Is a 'modern hermit' the best poet for laureate?
Mar 30, 2009, Vol. 14, No. 27 • By ELI LEHRER
Rather than the current free-form job description, the poet laureate might benefit from a clear mission of promoting public reading and listening. More Americans write poetry than read it, and a strong, single voice with a national platform could, conceivably, bring more poetry into American daily life. The laureate should also serve a continuous 24-month term--that is, long enough to undertake major projects--and earn a larger stipend. Those who take to the position with vigor--Haas and Rita Dove are good recent examples--might also qualify for a second consecutive term.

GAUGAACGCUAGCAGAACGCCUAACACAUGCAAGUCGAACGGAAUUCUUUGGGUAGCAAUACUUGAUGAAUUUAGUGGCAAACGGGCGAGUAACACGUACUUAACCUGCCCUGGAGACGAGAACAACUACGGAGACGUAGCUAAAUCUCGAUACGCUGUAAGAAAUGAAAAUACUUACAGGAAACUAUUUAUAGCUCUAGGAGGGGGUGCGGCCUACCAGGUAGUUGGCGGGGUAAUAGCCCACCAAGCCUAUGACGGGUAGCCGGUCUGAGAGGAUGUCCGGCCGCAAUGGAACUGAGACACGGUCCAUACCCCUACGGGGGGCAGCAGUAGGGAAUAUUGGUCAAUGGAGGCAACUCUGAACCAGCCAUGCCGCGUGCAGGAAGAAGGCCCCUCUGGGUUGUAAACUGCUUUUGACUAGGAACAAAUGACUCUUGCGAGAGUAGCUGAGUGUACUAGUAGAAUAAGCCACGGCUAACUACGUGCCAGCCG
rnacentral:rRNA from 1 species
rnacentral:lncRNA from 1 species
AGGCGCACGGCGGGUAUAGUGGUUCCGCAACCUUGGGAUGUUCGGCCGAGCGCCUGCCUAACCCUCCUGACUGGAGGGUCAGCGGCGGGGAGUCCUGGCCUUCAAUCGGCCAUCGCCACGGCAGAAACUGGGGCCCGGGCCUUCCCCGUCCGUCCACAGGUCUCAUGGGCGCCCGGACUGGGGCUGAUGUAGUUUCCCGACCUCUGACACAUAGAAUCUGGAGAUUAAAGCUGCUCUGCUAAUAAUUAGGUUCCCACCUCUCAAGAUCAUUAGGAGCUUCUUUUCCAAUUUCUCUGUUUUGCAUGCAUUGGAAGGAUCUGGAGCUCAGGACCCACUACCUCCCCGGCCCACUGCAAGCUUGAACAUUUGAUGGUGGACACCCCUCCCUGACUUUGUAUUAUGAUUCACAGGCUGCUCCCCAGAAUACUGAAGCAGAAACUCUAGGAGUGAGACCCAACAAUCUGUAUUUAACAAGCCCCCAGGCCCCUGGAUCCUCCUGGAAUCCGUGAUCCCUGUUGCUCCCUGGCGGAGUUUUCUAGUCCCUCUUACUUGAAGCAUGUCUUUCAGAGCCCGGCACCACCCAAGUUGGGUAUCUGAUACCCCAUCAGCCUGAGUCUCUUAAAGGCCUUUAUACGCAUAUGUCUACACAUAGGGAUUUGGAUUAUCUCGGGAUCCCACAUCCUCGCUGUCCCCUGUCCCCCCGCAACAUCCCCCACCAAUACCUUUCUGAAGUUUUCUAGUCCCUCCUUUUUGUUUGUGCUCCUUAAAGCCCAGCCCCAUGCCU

Kay Ryan has shown up at public readings, read from her own work a few times, announced plans for a "best of" collection, and done little else. Since she describes herself as a "modern hermit," such behavior isn't surprising; but hermits usually don't make good salesmen. If we want a poet laureate worthy of the title, Congress ought to think of the post a little expansively, broaden its reach, and give the American people a true national poet.
Eli Lehrer is a senior fellow at the Competitive Enterprise Institute.